Nobel prize-winning scientist: the COVID-19 epidemic was never exponential

Nobel prize-winning scientist: the COVID-19 epidemic was never exponential
Michael Levitt (Image: YouTube screen grab)

[Ed. – He also stayed in a Holiday Inn Express last night.]

As he is careful to point out, Professor Michael Levitt is not an epidemiologist. He’s Professor of Structural Biology at the Stanford School of Medicine, and winner of the 2013 Nobel Prize for Chemistry for “the development of multiscale models for complex chemical systems.” He’s a numbers guy — as he told us in our interview … but then, much of modern science is really about statistics (as his detractors never tire of pointing out, Professor Neil Ferguson is a theoretical physicist by training).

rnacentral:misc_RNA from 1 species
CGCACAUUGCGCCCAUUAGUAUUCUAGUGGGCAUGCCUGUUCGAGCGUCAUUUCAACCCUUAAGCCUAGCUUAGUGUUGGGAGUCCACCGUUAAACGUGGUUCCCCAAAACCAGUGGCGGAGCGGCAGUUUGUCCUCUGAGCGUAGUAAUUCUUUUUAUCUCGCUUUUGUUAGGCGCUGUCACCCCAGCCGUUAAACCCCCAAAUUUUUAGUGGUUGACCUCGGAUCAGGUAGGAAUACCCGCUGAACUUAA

With a purely statistical perspective, he has been playing close attention to the Covid-19 pandemic since January, when most of us were not even aware of it. He first spoke out in early February, when through analysing the numbers of cases and deaths in Hubei province he predicted with remarkable accuracy that the epidemic in that province would top out at around 3,250 deaths.

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